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Doom Patrol Is DC Universe’s Redemption Story

To absolutely no one’s surprise, DC Comics’ streaming service has folded. Honestly, the news of its launch didn’t even garner as much attention as its demise. Largely due to the abysmal reception of DC’s cinematic universe. With the exception of the Batman trilogy and Wonder Woman, DC’s movies have been one disappointment after the other. It is extremely difficult to compete with the excellence that is Marvel’s cinematic universe. The Avengers franchise is, after all, the most profitable in movie history. DC does not even seem to try. Between the unbearably long, unentertaining Batman v. Superman, the confusing, lackluster Justice League, the dry Aquaman, the vision behind the films are as dim as the crappily lit movies they’ve created. Seriously, why are all of the movies so damn dark? Most moviegoers had all but given up on them long before the ambitious creation of the original series came into play. 

Titans and Doom Patrol

Shockingly, DC Comics created the best projects of their franchise with the streaming service. Unfortunately for them, they went largely ignored until they were picked up by HBO Max. DC movies fall flat because they make the films too gritty and awkwardly include feeble attempts at humor. Creators made the fantastic choice to make Titans a drama and Doom Patrol a dark comedy. Titans is worth a watch. Doom Patrol, however, is the light at the end of a bleak tunnel. At its bare bones, Doom Patrol is your classic good vs. evil, super-anti hero series. A group of outcasts who don’t want to do anything, band together to try to save the world…..and hilariously screw it up at every turn. Actually, they are not really saving anything as much as they are trying to fix their screw-ups. The casting, storyline, and execution of the series set it apart.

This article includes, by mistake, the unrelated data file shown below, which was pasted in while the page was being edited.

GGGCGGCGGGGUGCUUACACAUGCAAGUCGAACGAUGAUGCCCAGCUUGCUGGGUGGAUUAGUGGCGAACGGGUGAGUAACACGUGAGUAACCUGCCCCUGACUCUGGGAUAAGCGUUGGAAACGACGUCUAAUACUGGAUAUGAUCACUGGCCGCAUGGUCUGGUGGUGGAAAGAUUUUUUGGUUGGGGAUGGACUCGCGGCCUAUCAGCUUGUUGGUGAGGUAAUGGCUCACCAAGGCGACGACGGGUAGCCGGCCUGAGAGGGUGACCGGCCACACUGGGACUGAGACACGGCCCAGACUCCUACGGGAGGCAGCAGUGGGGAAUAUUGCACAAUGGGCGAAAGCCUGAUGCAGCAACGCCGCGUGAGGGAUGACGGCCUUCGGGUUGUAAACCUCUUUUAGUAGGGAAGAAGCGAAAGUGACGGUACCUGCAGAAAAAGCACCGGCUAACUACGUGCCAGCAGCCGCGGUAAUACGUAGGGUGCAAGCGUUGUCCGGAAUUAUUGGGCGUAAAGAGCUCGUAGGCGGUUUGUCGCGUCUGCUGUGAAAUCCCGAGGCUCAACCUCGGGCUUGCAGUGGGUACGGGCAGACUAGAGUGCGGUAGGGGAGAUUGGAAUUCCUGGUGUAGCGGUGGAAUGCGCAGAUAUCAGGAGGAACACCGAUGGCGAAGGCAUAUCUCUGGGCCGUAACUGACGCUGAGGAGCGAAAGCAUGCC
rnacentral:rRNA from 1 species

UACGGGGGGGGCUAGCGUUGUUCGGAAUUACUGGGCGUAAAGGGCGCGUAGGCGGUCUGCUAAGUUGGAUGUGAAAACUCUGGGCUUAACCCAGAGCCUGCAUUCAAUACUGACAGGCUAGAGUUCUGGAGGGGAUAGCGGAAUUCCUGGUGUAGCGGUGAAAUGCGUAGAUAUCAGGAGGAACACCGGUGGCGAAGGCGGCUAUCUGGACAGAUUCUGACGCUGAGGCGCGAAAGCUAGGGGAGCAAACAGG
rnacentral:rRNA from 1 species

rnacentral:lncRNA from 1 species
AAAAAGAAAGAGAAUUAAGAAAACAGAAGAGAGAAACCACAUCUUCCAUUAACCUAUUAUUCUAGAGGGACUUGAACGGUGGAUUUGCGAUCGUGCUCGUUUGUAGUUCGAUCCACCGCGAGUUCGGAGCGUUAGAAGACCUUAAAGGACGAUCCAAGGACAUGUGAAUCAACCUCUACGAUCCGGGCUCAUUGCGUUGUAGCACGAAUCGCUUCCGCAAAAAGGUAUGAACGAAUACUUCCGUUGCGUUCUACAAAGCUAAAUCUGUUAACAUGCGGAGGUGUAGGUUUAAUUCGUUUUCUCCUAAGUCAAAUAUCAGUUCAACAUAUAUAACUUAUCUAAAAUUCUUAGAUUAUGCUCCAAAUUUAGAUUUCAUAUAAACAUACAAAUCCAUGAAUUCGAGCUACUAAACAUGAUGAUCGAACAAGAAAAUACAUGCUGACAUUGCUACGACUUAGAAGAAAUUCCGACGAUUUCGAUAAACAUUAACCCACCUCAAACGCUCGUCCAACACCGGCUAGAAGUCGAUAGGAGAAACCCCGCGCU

One of Doom Patrol’s greatest assets is the use of its biggest stars. Brenden Fraser (The Mummy) and Matt Bomber (American Horror Story) are the series’ most notable actors. However, they spend the majority of the show as a robot, and a mummy-like figure, respectively. This gives the rest of the fairly unknown actors the opportunity to shine. Diane Guerrero (Orange is the New Black) excels as Crazy Jane, a troubled woman with multiple personalities. April Bowlby’s portrayal of Rita Farr and the character’s arc throughout the series is a truly inspiring story. All of these characters were brought together in a sinister, X-men like fashion. The series’ Professor Xavier-esque lead is Chief Niles Caulder. When he is kidnapped by the season’s villain, the group has to learn to be heroes in order to save him. The group finds an unofficial leader in Cyborg played by Joivan Wade. 

Cyborg and the Hero Role